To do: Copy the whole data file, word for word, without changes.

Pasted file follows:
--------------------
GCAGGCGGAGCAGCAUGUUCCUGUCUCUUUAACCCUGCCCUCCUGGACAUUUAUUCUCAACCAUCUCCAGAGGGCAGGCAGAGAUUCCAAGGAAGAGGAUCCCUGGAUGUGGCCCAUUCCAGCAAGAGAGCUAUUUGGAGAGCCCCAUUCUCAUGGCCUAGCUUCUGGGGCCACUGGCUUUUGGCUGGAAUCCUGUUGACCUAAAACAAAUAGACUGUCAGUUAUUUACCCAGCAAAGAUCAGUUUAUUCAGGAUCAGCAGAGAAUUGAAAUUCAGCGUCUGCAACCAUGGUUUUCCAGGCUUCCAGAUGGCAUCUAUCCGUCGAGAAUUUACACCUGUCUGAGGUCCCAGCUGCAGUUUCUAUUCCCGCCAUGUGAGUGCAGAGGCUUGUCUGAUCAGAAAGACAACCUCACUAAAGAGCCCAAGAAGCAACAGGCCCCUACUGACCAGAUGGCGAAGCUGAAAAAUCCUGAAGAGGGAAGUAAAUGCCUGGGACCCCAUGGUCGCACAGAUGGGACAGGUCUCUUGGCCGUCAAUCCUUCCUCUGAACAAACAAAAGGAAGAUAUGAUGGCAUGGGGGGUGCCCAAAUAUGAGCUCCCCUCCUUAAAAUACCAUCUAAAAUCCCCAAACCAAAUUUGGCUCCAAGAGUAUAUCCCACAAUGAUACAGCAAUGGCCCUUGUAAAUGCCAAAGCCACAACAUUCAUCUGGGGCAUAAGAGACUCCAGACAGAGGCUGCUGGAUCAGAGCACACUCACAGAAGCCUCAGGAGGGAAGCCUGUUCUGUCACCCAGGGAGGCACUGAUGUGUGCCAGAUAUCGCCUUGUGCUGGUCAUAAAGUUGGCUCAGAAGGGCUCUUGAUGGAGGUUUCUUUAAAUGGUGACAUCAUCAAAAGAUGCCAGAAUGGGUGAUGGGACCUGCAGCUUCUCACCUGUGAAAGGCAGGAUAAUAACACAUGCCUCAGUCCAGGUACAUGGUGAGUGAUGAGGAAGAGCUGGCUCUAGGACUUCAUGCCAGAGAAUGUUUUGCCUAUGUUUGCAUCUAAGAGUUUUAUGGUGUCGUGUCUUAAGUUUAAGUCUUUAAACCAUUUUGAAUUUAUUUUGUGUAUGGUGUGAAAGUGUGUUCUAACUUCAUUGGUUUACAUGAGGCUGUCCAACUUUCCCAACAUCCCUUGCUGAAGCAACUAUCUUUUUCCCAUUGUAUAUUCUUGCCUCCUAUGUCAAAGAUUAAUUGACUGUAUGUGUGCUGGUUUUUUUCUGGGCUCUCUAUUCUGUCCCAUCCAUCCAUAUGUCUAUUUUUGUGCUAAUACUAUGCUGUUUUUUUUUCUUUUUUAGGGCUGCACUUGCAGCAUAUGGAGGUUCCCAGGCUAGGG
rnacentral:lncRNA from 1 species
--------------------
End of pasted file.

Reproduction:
GCAGGCGGAGCAGCAUGUUCCUGUCUCUUUAACCCUGCCCUCCUGGACAUUUAUUCUCAACCAUCUCCAGAGGGCAGGCAGAGAUUCCAAGGAAGAGGAUCCCUGGAUGUGGCCCAUUCCAGCAAGAGAGCUAUUUGGAGAGCCCCAUUCUCAUGGCCUAGCUUCUGGGGCCACUGGCUUUUGGCUGGAAUCCUGUUGACCUAAAACAAAUAGACUGUCAGUUAUUUACCCAGCAAAGAUCAGUUUAUUCAGGAUCAGCAGAGAAUUGAAAUUCAGCGUCUGCAACCAUGGUUUUCCAGGCUUCCAGAUGGCAUCUAUCCGUCGAGAAUUUACACCUGUCUGAGGUCCCAGCUGCAGUUUCUAUUCCCGCCAUGUGAGUGCAGAGGCUUGUCUGAUCAGAAAGACAACCUCACUAAAGAGCCCAAGAAGCAACAGGCCCCUACUGACCAGAUGGCGAAGCUGAAAAAUCCUGAAGAGGGAAGUAAAUGCCUGGGACCCCAUGGUCGCACAGAUGGGACAGGUCUCUUGGCCGUCAAUCCUUCCUCUGAACAAACAAAAGGAAGAUAUGAUGGCAUGGGGGGUGCCCAAAUAUGAGCUCCCCUCCUUAAAAUACCAUCUAAAAUCCCCAAACCAAAUUUGGCUCCAAGAGUAUAUCCCACAAUGAUACAGCAAUGGCCCUUGUAAAUGCCAAAGCCACAACAUUCAUCUGGGGCAUAAGAGACUCCAGACAGAGGCUGCUGGAUCAGAGCACACUCACAGAAGCCUCAGGAGGGAAGCCUGUUCUGUCACCCAGGGAGGCACUGAUGUGUGCCAGAUAUCGCCUUGUGCUGGUCAUAAAGUUGGCUCAGAAGGGCUCUUGAUGGAGGUUUCUUUAAAUGGUGACAUCAUCAAAAGAUGCCAGAAUGGGUGAUGGGACCUGCAGCUUCUCACCUGUGAAAGGCAGGAUAAUAACACAUGCCUCAGUCCAGGUACAUGGUGAGUGAUGAGGAAGAGCUGGCUCUAGGACUUCAUGCCAGAGAAUGUUUUGCCUAUGUUUGCAUCUAAGAGUUUUAUGGUGUCGUGUCUUAAGUUUAAGUCUUUAAACCAUUUUGAAUUUAUUUUGUGUAUGGUGUGAAAGUGUGUUCUAACUUCAUUGGUUUACAUGAGGCUGUCCAACUUUCCCAACAUCCCUUGCUGAAGCAACUAUCUUUUUCCCAUUGUAUAUUCUUGCCUCCUAUGUCAAAGAUUAAUUGACUGUAUGUGUGCUGGUUUUUUUCUGGGCUCUCUAUUCUGUCCCAUCCAUCCAUAUGUCUAUUUUUGUGCUAAUACUAUGCUGUUUUUUUUUCUUUUUUAGGGCUGCACUUGCAGCAUAUGGAGGUUCCCAGGCUAGGG
rnacentral:lncRNA from 1 species